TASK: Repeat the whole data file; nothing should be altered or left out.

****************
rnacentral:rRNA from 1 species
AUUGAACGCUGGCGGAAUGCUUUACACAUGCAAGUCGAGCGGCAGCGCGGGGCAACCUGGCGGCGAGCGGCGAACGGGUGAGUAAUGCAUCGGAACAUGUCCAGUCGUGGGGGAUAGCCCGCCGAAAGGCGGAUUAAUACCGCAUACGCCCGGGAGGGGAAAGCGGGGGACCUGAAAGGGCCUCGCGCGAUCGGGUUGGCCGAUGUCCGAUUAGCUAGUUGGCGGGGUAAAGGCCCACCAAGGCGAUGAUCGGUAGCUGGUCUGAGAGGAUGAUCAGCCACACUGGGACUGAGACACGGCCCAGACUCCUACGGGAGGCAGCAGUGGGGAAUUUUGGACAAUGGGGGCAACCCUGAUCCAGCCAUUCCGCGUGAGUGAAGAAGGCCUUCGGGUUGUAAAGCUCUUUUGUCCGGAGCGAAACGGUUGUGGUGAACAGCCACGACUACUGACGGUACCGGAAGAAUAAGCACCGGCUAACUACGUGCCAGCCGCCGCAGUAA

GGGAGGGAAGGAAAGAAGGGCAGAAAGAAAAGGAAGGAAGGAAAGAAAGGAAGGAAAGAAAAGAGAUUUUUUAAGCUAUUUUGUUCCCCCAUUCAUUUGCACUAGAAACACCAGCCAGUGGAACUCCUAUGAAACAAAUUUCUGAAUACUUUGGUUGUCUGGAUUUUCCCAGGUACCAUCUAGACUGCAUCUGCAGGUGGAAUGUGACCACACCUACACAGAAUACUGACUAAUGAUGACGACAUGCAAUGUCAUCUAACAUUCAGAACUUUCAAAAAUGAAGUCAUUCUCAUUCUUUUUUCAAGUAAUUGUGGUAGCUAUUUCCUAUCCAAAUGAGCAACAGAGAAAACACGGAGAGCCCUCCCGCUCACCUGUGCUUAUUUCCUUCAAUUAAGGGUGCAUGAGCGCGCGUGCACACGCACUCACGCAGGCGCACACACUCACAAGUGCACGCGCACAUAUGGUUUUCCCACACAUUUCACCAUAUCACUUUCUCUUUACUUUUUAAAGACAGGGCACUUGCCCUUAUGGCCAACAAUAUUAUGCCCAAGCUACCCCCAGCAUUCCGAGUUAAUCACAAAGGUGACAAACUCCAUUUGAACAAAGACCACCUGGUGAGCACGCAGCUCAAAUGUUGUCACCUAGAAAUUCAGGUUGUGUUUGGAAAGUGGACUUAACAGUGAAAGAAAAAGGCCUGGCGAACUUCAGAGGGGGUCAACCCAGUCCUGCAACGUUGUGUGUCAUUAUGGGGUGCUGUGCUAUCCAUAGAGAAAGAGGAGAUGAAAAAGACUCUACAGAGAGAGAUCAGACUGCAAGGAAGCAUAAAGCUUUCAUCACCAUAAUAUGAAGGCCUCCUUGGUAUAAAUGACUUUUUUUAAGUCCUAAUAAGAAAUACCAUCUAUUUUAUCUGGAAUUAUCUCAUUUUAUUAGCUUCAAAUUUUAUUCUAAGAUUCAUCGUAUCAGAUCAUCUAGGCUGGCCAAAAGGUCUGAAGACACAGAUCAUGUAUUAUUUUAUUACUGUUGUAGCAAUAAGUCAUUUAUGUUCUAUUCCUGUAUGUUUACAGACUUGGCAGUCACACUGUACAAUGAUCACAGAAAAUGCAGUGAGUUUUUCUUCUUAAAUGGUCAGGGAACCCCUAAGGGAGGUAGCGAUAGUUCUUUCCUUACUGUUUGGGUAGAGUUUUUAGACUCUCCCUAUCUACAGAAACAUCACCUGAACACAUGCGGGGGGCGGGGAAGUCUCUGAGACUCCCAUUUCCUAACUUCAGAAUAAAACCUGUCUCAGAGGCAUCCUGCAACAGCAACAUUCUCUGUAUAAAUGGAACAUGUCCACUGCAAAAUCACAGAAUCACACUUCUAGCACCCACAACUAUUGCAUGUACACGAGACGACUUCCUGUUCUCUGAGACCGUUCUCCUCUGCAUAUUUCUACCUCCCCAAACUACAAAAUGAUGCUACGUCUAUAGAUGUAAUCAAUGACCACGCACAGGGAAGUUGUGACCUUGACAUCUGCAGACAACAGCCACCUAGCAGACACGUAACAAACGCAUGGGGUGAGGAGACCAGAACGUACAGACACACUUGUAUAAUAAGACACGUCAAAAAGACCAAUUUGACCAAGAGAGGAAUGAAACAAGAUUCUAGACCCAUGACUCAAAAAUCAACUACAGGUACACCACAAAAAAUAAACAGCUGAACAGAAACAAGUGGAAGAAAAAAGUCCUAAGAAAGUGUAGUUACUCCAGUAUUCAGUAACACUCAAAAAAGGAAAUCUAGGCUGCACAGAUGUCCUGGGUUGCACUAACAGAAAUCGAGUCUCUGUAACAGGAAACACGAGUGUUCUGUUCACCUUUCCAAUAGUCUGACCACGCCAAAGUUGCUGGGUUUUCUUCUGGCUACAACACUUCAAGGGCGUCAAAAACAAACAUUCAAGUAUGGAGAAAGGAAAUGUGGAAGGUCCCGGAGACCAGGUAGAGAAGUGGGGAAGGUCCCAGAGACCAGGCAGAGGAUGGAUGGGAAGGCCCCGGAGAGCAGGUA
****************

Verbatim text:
rnacentral:rRNA from 1 species
AUUGAACGCUGGCGGAAUGCUUUACACAUGCAAGUCGAGCGGCAGCGCGGGGCAACCUGGCGGCGAGCGGCGAACGGGUGAGUAAUGCAUCGGAACAUGUCCAGUCGUGGGGGAUAGCCCGCCGAAAGGCGGAUUAAUACCGCAUACGCCCGGGAGGGGAAAGCGGGGGACCUGAAAGGGCCUCGCGCGAUCGGGUUGGCCGAUGUCCGAUUAGCUAGUUGGCGGGGUAAAGGCCCACCAAGGCGAUGAUCGGUAGCUGGUCUGAGAGGAUGAUCAGCCACACUGGGACUGAGACACGGCCCAGACUCCUACGGGAGGCAGCAGUGGGGAAUUUUGGACAAUGGGGGCAACCCUGAUCCAGCCAUUCCGCGUGAGUGAAGAAGGCCUUCGGGUUGUAAAGCUCUUUUGUCCGGAGCGAAACGGUUGUGGUGAACAGCCACGACUACUGACGGUACCGGAAGAAUAAGCACCGGCUAACUACGUGCCAGCCGCCGCAGUAA

GGGAGGGAAGGAAAGAAGGGCAGAAAGAAAAGGAAGGAAGGAAAGAAAGGAAGGAAAGAAAAGAGAUUUUUUAAGCUAUUUUGUUCCCCCAUUCAUUUGCACUAGAAACACCAGCCAGUGGAACUCCUAUGAAACAAAUUUCUGAAUACUUUGGUUGUCUGGAUUUUCCCAGGUACCAUCUAGACUGCAUCUGCAGGUGGAAUGUGACCACACCUACACAGAAUACUGACUAAUGAUGACGACAUGCAAUGUCAUCUAACAUUCAGAACUUUCAAAAAUGAAGUCAUUCUCAUUCUUUUUUCAAGUAAUUGUGGUAGCUAUUUCCUAUCCAAAUGAGCAACAGAGAAAACACGGAGAGCCCUCCCGCUCACCUGUGCUUAUUUCCUUCAAUUAAGGGUGCAUGAGCGCGCGUGCACACGCACUCACGCAGGCGCACACACUCACAAGUGCACGCGCACAUAUGGUUUUCCCACACAUUUCACCAUAUCACUUUCUCUUUACUUUUUAAAGACAGGGCACUUGCCCUUAUGGCCAACAAUAUUAUGCCCAAGCUACCCCCAGCAUUCCGAGUUAAUCACAAAGGUGACAAACUCCAUUUGAACAAAGACCACCUGGUGAGCACGCAGCUCAAAUGUUGUCACCUAGAAAUUCAGGUUGUGUUUGGAAAGUGGACUUAACAGUGAAAGAAAAAGGCCUGGCGAACUUCAGAGGGGGUCAACCCAGUCCUGCAACGUUGUGUGUCAUUAUGGGGUGCUGUGCUAUCCAUAGAGAAAGAGGAGAUGAAAAAGACUCUACAGAGAGAGAUCAGACUGCAAGGAAGCAUAAAGCUUUCAUCACCAUAAUAUGAAGGCCUCCUUGGUAUAAAUGACUUUUUUUAAGUCCUAAUAAGAAAUACCAUCUAUUUUAUCUGGAAUUAUCUCAUUUUAUUAGCUUCAAAUUUUAUUCUAAGAUUCAUCGUAUCAGAUCAUCUAGGCUGGCCAAAAGGUCUGAAGACACAGAUCAUGUAUUAUUUUAUUACUGUUGUAGCAAUAAGUCAUUUAUGUUCUAUUCCUGUAUGUUUACAGACUUGGCAGUCACACUGUACAAUGAUCACAGAAAAUGCAGUGAGUUUUUCUUCUUAAAUGGUCAGGGAACCCCUAAGGGAGGUAGCGAUAGUUCUUUCCUUACUGUUUGGGUAGAGUUUUUAGACUCUCCCUAUCUACAGAAACAUCACCUGAACACAUGCGGGGGGCGGGGAAGUCUCUGAGACUCCCAUUUCCUAACUUCAGAAUAAAACCUGUCUCAGAGGCAUCCUGCAACAGCAACAUUCUCUGUAUAAAUGGAACAUGUCCACUGCAAAAUCACAGAAUCACACUUCUAGCACCCACAACUAUUGCAUGUACACGAGACGACUUCCUGUUCUCUGAGACCGUUCUCCUCUGCAUAUUUCUACCUCCCCAAACUACAAAAUGAUGCUACGUCUAUAGAUGUAAUCAAUGACCACGCACAGGGAAGUUGUGACCUUGACAUCUGCAGACAACAGCCACCUAGCAGACACGUAACAAACGCAUGGGGUGAGGAGACCAGAACGUACAGACACACUUGUAUAAUAAGACACGUCAAAAAGACCAAUUUGACCAAGAGAGGAAUGAAACAAGAUUCUAGACCCAUGACUCAAAAAUCAACUACAGGUACACCACAAAAAAUAAACAGCUGAACAGAAACAAGUGGAAGAAAAAAGUCCUAAGAAAGUGUAGUUACUCCAGUAUUCAGUAACACUCAAAAAAGGAAAUCUAGGCUGCACAGAUGUCCUGGGUUGCACUAACAGAAAUCGAGUCUCUGUAACAGGAAACACGAGUGUUCUGUUCACCUUUCCAAUAGUCUGACCACGCCAAAGUUGCUGGGUUUUCUUCUGGCUACAACACUUCAAGGGCGUCAAAAACAAACAUUCAAGUAUGGAGAAAGGAAAUGUGGAAGGUCCCGGAGACCAGGUAGAGAAGUGGGGAAGGUCCCAGAGACCAGGCAGAGGAUGGAUGGGAAGGCCCCGGAGAGCAGGUA